About the Project
The occurrence of plastic pollution in the Southern Ocean has been proven in almost all environmental compartments (1) which highlights this region is not as isolated from the rest of the world as previously considered.
Being well adapted to extreme but stable environmental conditions, with unique phenotypic traits, Antarctic organisms are considered more vulnerable to environmental perturbations and pollutants compared to species from lower latitudes (2). Thus, microplastics may pose a significant threat to Antarctic marine biota.
This study will examine the interaction between gelatinous zooplankton (i.e. jellyfish appendicularians and salps) and microplastic debris in the Scotia Sea, at the northern edge of the Southern Ocean.
Gelatinous zooplankton exhibit higher feeding rates than other marine planktonic herbivores and predators, ingesting particles over a wide range of sizes and types. They are abundant and ubiquitous in the all the world’s oceans and can rapidly reach high population densities or blooms. Laboratory feeding studies demonstrate that gelatinous zooplankton can ingest (3) and package microplastics into sinking aggregates. Furthermore, these organisms may perform significant vertical migrations and consequently actively act as biological vectors of microplastic from the surface to the deep ocean and in turn promote the penetration of plastic to the benthic community.
This study will analyze the role of gelatinous zooplankton as a microplastic conduit within the Antarctic foodweb and as vectors of microplastic penetration to the deep ocean.
The specific objectives will include:
1-Zooplankton net samples will be analysed in order to estimate the amount of plastic within gelatinous zooplankton. The characteristics of microplastics will be investigated by digestion and FTIR (Fourier-transform infrared spectroscopy) techniques.
2-Stable isotopes and fatty acid tracer techniques will be used to determine gelatinous zooplankton dietary sources in order to estimate potential relationships between food sources and microplastic assimilation.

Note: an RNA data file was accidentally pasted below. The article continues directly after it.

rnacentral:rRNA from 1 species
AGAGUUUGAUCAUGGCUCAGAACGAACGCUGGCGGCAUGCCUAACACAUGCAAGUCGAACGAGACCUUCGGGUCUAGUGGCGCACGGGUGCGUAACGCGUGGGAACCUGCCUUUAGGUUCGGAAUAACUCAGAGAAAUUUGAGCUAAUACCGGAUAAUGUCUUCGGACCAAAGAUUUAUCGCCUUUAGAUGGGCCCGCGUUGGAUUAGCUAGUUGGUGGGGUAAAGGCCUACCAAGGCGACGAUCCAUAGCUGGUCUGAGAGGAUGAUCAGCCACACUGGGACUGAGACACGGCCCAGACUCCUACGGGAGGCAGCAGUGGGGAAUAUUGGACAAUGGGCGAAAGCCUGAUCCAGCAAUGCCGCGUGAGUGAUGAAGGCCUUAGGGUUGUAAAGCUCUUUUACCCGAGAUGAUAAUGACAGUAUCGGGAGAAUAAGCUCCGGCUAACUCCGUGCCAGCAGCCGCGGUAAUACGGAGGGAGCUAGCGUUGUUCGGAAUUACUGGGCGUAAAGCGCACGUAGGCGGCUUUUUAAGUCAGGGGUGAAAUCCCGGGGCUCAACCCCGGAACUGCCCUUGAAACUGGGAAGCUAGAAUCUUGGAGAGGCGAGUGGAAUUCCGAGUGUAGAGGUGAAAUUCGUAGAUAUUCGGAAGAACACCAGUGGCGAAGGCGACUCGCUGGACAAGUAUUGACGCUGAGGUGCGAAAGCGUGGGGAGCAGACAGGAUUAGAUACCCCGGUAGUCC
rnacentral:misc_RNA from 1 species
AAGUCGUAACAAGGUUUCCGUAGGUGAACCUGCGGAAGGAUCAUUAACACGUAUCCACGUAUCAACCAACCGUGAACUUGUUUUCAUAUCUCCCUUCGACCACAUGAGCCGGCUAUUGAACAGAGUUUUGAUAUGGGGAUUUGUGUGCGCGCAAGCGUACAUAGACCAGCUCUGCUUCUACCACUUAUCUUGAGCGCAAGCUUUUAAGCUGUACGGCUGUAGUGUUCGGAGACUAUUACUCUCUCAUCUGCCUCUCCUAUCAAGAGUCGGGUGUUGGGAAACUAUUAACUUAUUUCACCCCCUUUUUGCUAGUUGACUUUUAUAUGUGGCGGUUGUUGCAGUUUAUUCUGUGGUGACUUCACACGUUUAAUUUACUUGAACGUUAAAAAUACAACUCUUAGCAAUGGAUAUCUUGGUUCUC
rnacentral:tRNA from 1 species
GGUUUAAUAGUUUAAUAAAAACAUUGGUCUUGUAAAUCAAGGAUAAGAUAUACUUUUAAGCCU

3-Zooplankton stratified multinet samples will be analysed to estimate abundance, vertical distribution and biomass of gelatinous organisms both day and night, so as to parameterise the influence of diel vertical migration on the penetration of oceanic plastic to depth.
4-Neuston net and floating sediment trap samples will be analysed to quantify microplastic abundance through the water column to determine potential encounter rates between microplastics and gelatinous zooplankton.
There may be the opportunity to undertake fieldwork as part of as part of a BAS long-term observation programme, to collect microplastic and zooplankton samples within the Scotia Sea (Southern Ocean). However, should this not be possible, the PhD can be completed using historical samples already archived by BAS.
The INSPIRE DTP programme provides comprehensive personal and professional development training alongside extensive opportunities for students to expand their multi-disciplinary outlook through interactions with a wide network of academic, research and industrial/policy partners. The student will be registered at the University of Southampton and hosted at British Antarctic Survey (BAS). Specific training will include: Isotope and fatty acid sample preparation, clean laboratory chemistry, FTIR microplastic analysis, carbon analysis and gelatinous zooplankton identification. The student will join the Ecosystems group at BAS where he/she will get training in Southern Ocean carbon cycle and zooplankton ecology and will have the opportunity to work with the gelatinous zooplankton Group at UoS. If fieldwork in the Southern Ocean is undertaken, this will include at-sea training in sampling zooplankton, handling specimens, manipulating experiments.
A full studentship will include the cost of fees and a maintenance allowance. UKRI have confirmed that international students (EU and non-EU) will be eligible for all Research Council-funded postgraduate studentships from the start of 2021/2022 academic year. There will be a limited number of international studentships available
2-Rowlands et al., 2020, A Polar outlook: Potential interactions of micro- and nano-plastic with other anthropogenic stressors, Science of the total environment
3-Brandon et al., 2020 Patterns of suspended and salp‐ingested microplastic debris in the North Pacific investigated with epifluorescence microscopy, Limnology and Oceanography letters
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